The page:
The study was designed for 3–6 patients to be enrolled at each everolimus dose level following traditional 3+3 design. The method of dose escalation between cohorts and dose limiting toxicities are described above. The design allowed for additional patients to be enrolled at a dose level if a patient was considered inevaluable for DLTs. Event-free survival (EFS) was calculated from treatment start to coming off study due to disease progression, toxicity, or patient’s withdrawal of consent. Overall survival (OS) was calculated from treatment start to date of death or last contact.
Patient characteristics and treatment
The study enrolled 12 patients between September 2010 and November 2013, 8 of them male and 4 female. Median age was 64. 7 patients had visceral metastases and 5 patients had lymph node-only disease. Table 2 summarizes patient characteristics.
Three patients were initially enrolled at DL1 and did not experience DLTs during the first cycle, leading to escalation to DL2. All 3 patients at DL2 experienced DLTs during cycle 1 (pancytopenia, hypersensitivity to everolimus and anemia requiring transfusion). In concordance with the 3+3 design of the study, de-escalation to DL1 occurred and 3 patients were enrolled at that dose level (called DL1 * after de-escalation). One of these patients experienced a DLT during cycle 1 (neutropenia) and another was considered inevaluable for DLTs due to disease progression prior to completing cycle 1. Given the inevaluable patient and concern for underrepresentation of DLTs, 3 additional patients were enrolled at DL1 *, for a total of 9 patients at the lowest everolimus dose level. Of these, 1 patient experienced a DLT (diarrhea) during cycle 1. DLTs for patients at each dose level are summarized in Table 3. In total, 2/8 (25%) of evaluable patients at the lowest dose level experienced DLTs during cycle 1. Using a 33% threshold for unacceptable toxicity during cycle 1 , the MTD was reached at the lowest dose level of everolimus 5 mg every other day. Notably one additional patient at DL1 experienced a DLT during a later cycle (pancytopenia leading to a gemcitabine dose reduction during cycle 5).
As noted above, 5 of 11 evaluable patients experienced DLTs during cycle 1, with one additional patient experiencing a DLT at a later point in treatment (Table 3). 4 of those DLTs were hematologic, including neutropenia, leukopenia, lymphopenia, anemia, and thrombocytopenia. Additional DLTs included diarrhea and a hypersensitivity reaction to everolimus resulting in grade 3 rash. Other grade 3 and 4 events included hypomagnesemia, hypophosphatemia, urinary tract infections, hyponatremia, hypokalemia and fatigue. Grade 3 and 4 adverse events possibly attributable to study treatment, as well as all grade 3 and 4 events occurring in at least 10% of patients, are listed in Table 4. Likewise, grade 1 and 2 adverse events are listed in Supplementary Table 1. Cumulative incidence by cycle of grade 3 and 4 hematologic toxicities is represented in Supplementary Figure 1A, while cumulative incidence of mucositis/stomatitis is represented in Supplementary Figure 1B.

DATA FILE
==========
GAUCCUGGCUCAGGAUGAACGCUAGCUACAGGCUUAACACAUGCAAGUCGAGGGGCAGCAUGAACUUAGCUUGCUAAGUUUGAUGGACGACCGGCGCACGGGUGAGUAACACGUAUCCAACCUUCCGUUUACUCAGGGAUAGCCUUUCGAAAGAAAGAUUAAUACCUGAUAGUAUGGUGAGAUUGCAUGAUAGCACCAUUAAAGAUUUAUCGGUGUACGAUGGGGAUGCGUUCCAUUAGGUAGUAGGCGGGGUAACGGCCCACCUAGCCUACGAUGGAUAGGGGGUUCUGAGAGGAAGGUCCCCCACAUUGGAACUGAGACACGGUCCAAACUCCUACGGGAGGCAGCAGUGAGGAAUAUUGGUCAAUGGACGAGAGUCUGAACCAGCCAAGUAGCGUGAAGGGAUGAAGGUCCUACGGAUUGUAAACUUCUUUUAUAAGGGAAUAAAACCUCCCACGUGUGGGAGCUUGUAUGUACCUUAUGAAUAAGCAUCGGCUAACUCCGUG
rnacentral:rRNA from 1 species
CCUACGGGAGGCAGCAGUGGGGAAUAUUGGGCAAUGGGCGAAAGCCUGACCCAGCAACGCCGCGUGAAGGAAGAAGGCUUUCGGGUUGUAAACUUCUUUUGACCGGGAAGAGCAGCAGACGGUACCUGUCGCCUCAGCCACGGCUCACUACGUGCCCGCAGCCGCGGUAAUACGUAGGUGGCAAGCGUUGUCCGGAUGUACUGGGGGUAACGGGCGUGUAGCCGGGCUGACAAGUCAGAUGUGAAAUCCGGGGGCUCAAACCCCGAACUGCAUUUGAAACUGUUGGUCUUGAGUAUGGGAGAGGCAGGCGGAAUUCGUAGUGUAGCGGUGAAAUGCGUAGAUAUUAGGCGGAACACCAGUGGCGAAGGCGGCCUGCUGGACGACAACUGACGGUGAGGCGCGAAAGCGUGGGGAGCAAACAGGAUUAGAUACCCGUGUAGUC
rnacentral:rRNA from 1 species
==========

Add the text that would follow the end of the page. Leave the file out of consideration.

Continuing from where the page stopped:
Ten of 12 patients were considered evaluable for tumor response (Table 5). One of these patients had clinical progression while on therapy and was counted as having progressive disease (PD) despite having no imaging assessed by RECIST (patient 7). The two remaining patients were considered inevaluable for response due to coming off protocol prior to the first imaging assessment (patient 6, withdrew consent), and discontinuing everolimus during cycle 1 due to hypersensitivity reaction (patient 5).
Of the 10 evaluable patients, 4 had a partial response (PR), 5 had stable disease (SD), and 1 had progressive disease (PD) as their best response to therapy. Two patients (patients 3 and 8) completed 6 cycles of GC and had maintained PRs on everolimus monotherapy for a total of 19 and 9 cycles, respectively, until disease progression.
The MSKCC risk score, which includes KPS <80% and the presence of bone or visceral metastases as independent risk factors, was previously shown to accurately predict disease response and survival  and has been independently validated. Of the 10 patientsevaluable for response, 3/4 patients with a risk score of 0 had a PR (75%), 1/5 patients with a risk score of 1 had a PR (20%), and 0/1 patient with a risk score of 2 had a PR.
All 12 patients were used for EFS and OS analysis. Median EFS was 3.9 month (95% CI 3.7 –not reached) (Fig. 1). Two patients who had partial responses to therapy and came off trial to undergo consolidative surgery were censored for EFS at the date when they were taken off-study (patients 1 and 10). Median OS was 10.8 months (95% CI 6.9 –not reached) (Fig. 1). Eleven of twelve patients have died.